WestJet’s Maui flights from Edmonton and Calgary will see reduced frequencies, too.
In the sky, on the ground
It will take bums in seats to restore Maui’s connectivity to what it once was.
It's possible, however, that Maui’s sheer beauty – from its blissful beaches to its palm tree-covered hills to its blue-green coastline – will be enough to attract visitors.
During our visit, PAX got a birds-eye view of Maui’s magic from a chopper operated by Maverick Helicopters, which takes guests on sky-high rides over mountains, deserts and rainforests, to a remote forest reserve, where ruby-coloured awapuhi (“soap plants”) and monkey-pod trees grow.
The dramatic cliffs and jungle-like landscapes are the same backgrounds seen in Jurassic Park (the film’s aerial footage was shot in Maui).
But tourism in greater Maui is returning.
At oceanfront Wailea Beach Resort, a 547-room, residential-style hillside property 45 minutes from Lahaina, it was business as usual as sun-seekers hopped between two golden sand crescent beaches – on a flower-filled, 22-acre compound of old Banyan trees – and indulged in self-care, like time spent at the hotel’s Olakino Wellness Pool, an adults-only infinity edge saline pool, where on-the-spot massages and all-included refreshments are served.
Guests can also partake in active activities, like a traditional outrigger canoe tour down the property's sparkling coast, where curious sea turtles can be seen popping their heads up out of the water.
Wailea Beach Resort (also home to Hawai’i’s longest waterslide) puts the “lux” in luxury, and during our stay, the property was nearly full.
It’s local attractions that need a boost.
One highlight was visiting the Maui Ocean Centre in Wailuku. Here, guests can walk through an underwater tunnel, passing sharks, sea turtles, rays and colourful fish, and even come eye-to-eye with a humpback whale at an eye-popping 3D film experience.
The aquarium (which is also a great place to have a fresh, open-air, waterfront lunch, at Seascape restaurant) also supports local conservation projects, from marine life rescue operations to coral reef restoration.
While our visit was off-season, the aquarium, still, wasn't bustling with visitors as we explored its many fascinating exhibits.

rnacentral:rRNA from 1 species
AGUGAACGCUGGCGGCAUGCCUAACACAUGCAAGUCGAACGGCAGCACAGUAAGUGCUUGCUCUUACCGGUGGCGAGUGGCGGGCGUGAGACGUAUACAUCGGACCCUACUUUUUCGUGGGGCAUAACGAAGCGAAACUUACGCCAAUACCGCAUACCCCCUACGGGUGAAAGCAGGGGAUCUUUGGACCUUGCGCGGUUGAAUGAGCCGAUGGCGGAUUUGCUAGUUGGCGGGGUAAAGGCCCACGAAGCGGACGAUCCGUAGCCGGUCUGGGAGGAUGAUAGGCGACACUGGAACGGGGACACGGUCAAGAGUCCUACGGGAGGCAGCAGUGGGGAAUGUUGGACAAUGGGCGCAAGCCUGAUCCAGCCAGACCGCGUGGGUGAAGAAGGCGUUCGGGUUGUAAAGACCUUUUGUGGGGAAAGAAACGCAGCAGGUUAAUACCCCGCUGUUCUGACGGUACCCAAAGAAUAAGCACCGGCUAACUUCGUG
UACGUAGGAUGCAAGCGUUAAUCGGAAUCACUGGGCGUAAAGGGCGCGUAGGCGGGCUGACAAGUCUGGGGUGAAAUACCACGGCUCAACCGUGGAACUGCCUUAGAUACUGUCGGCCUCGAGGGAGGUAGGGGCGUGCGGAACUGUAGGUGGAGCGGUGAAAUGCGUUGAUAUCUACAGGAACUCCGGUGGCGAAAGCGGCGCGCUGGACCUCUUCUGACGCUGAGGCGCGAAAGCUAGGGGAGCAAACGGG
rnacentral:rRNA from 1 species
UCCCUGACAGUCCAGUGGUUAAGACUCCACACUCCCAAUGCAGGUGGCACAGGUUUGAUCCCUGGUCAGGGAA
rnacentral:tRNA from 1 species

The centre may be resilient, but marine life alone won't keep the lights on. It needs tourists.
High spend + volunteering
Canada will play an important role in Maui’s recovery.
At that conference in Honolulu, Susan Webb, president and owner of VoX International, took to a stage to share her latest tourism data, noting that Canada, up until recently, was Hawai’i largest international market (it was just dethroned by Japan).
However: “Canada is still number one [in spend] so far this year,” Webb said at the time.
That bodes well for attracting visitors that can improve Maui’s bottom line.
Volunteer tourism is also “very important” to Canadians, Webb added, which aligns with the type of travellers Maui is trying to attract: compassionate people who don’t mind sparing a few hours during their vacation to help out.
Regenerative tourism – the idea of leaving a place in better condition than it was found – has been at the forefront of Maui’s rebound.
The HTA lists volunteer opportunities in Maui on its website here, and the need for help has never been greater, as PAX learned after spending a morning helping out at the Maui Relief Storage Facility, where donations for families displaced by the fire are sorted and packaged.
Don’t write Maui off
If anything, the ask, right now, is for tourists to not write Maui off.
Daniel Nāhoʻopiʻi at the Hawai'i Tourism Authority is reminding the world that the wildfires “did not destroy all of the infrastructure on Maui, nor the other islands.”
The island’s target market, currently, are people who’ve been to Maui before, the interim CEO said.
“We know they understand the situation and that they’ll be the most respectful,” he said.
In Hawaiian culture, the word “mālama” is used to describe the act of giving back while caring and protecting for the earth and each other.
With each passing sunset, that’s what Maui needs right now. More than ever.